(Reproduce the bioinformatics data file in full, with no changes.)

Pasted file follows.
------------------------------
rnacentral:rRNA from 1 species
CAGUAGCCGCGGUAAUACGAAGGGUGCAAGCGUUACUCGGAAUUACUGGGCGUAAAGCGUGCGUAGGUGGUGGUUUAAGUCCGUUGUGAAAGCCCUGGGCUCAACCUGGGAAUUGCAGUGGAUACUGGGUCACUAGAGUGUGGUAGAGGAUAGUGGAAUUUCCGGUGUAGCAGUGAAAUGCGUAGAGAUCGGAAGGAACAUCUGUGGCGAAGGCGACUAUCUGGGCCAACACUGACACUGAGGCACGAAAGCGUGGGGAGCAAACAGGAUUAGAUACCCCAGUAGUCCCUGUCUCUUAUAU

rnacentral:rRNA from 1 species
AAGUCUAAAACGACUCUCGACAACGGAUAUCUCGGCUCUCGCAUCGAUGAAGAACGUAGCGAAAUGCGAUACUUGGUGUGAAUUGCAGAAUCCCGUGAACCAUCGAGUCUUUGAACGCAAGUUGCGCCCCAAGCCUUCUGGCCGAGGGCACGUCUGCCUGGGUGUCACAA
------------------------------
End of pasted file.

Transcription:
rnacentral:rRNA from 1 species
CAGUAGCCGCGGUAAUACGAAGGGUGCAAGCGUUACUCGGAAUUACUGGGCGUAAAGCGUGCGUAGGUGGUGGUUUAAGUCCGUUGUGAAAGCCCUGGGCUCAACCUGGGAAUUGCAGUGGAUACUGGGUCACUAGAGUGUGGUAGAGGAUAGUGGAAUUUCCGGUGUAGCAGUGAAAUGCGUAGAGAUCGGAAGGAACAUCUGUGGCGAAGGCGACUAUCUGGGCCAACACUGACACUGAGGCACGAAAGCGUGGGGAGCAAACAGGAUUAGAUACCCCAGUAGUCCCUGUCUCUUAUAU

rnacentral:rRNA from 1 species
AAGUCUAAAACGACUCUCGACAACGGAUAUCUCGGCUCUCGCAUCGAUGAAGAACGUAGCGAAAUGCGAUACUUGGUGUGAAUUGCAGAAUCCCGUGAACCAUCGAGUCUUUGAACGCAAGUUGCGCCCCAAGCCUUCUGGCCGAGGGCACGUCUGCCUGGGUGUCACAA